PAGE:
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SHARON SHANKS | The Cosmos We're probing Mercury, but what about Pluto?



Published: Sun, June 24, 2001 @ 12:00 a.m.



From Mercury to Pluto, the astronomy & quot;in & quot; basket is simply overflowing with news. Let's do a little clearing out this week.

Mariner 10 was the last spacecraft to visit Mercury. It flew past three times and collected data on less than half the planet. Now, a generation later, a second visit is in the works. It's called MESSENGER, short for MErcury Surface Space ENvironment, GEochemistry, and Ranging, another triumph for NASA's famous acronyms.

Set for launch in March 2004 and arrival at Mercury in April 2009, MESSENGER will aim seven scientific instruments toward this closest planet to the sun.

A camera, a laser altimeter to measure the height of mountains and craters, and other instruments will be used to map the entire surface. Other devices will look at the composition of Mercury's crust, its geologic history, and the ingredients in its thin atmosphere.

MESSENGER will be a Discovery-class mission -- one of the quick to implement, relatively low-cost missions which NASA is supporting for solar system exploration. The mission's price tag comes in at $256 million.

Answers sought: Questions that scientists would like to answer about Mercury include why it is so dense (it has an extremely large core made mostly of iron) and how a planet so close to the sun -- averaging only 36 million miles away -- can have what appears to be ice in its polar craters.

At least Mercury has had one mission to date -- Pluto hasn't had any, and it appears the planet the farthest from the sun won't be visit by a spacecraft until 2020.

The Pluto-Kuiper Express was on the NASA drawing board, but it's not funded in the President's proposed NASA budget (effectively killing the project). The Planetary Society, one of the nation's largest private space interest groups, is hoping to change this -- and is taking its appeal to one of the most powerful lobbying groups in the nation: our children.

Kids to vote: & quot;Wouldn't it be cool to go to Pluto? & quot; is the challenge the society is putting before kids. Schoolchildren can log into a special Web page (http://planetary.org) to send their vote to Congress and get their legislators to change their minds.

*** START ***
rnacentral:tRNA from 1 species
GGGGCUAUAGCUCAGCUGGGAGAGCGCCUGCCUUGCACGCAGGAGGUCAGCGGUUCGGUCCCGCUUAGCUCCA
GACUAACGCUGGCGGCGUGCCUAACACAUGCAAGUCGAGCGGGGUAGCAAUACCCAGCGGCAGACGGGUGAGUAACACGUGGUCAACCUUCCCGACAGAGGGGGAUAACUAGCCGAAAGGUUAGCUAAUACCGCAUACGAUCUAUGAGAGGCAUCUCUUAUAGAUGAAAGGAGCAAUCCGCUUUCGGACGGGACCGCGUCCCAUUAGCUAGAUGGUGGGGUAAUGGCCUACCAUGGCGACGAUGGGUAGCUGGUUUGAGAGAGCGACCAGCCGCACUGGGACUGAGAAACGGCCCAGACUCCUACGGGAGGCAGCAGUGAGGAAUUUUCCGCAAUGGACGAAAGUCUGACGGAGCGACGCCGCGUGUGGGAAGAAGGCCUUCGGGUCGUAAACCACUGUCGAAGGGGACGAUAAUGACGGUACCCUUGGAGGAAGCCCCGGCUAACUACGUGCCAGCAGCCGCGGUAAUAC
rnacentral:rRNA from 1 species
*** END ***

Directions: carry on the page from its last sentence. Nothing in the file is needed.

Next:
Pluto averages 4 billion miles away from the sun. Even if Congress approves a mission this year, it couldn't be ready for launch until 2004 and the earliest it could reach Pluto would be 2012.

One mission that has been approved is targeting an even smaller body. Deep Impact is sent for launch in 2004. & quot;Deep Impact & quot; the movie envisioned an asteroid striking Earth; Deep Impact the mission will do just the opposite: launch a small instrument to impact Comet Temple 1.

By doing so, scientists will be able to study the pristine materials from inside the comet and hopefully learn more about our solar system.

Comet study: Comets, along with asteroids, planetesimals (bodies too small to be a planet but too large to be an asteroid), and meteors are some of the most primitive leftovers from the formation of the solar system.

By studying primordial material from within a comet, astronomers are hoping to learn what types and amounts of material were present when our star blazed into life.

A lot of items in the in-basket have the date June 21 on them. This past Thursday was a busy day: a total solar eclipse (visible from southern Africa), the summer solstice (the official start of summer and the longest day of the year), and, for people watching Mars, the date when the Red Planet makes its closest approach to Earth in the past 12 years.

You really can't miss Mars in the south. It will be the brightest starlike object in the southeast to south from dark until about 2 a.m. On Thursday Mars and Earth were only about 42 million miles apart.

The Mars Global Surveyor is still at work imaging Mars and recent photos have again focused on one of the most famous (or infamous) features there: the & quot;Face on Mars. & quot;

Viking 1 took the picture that started the fuss in 1976 and the hilly area did resemble a face -- just as clouds can resemble a dragon. The picture is now a standard in supermarket checkout publications, right beside pictures of Bigfoot, Area 51, little green aliens and the two-headed cows.

The newest image is in the highest resolution yet, and is best viewed online at Malin Space Science System's Web site. Malin designed and operates the Mars Orbiter Camera on the Global Surveyor.

XFor the Face on Mars, go directly to www.msss.com/mars_images/moc/extended_may2001/face/index.html.




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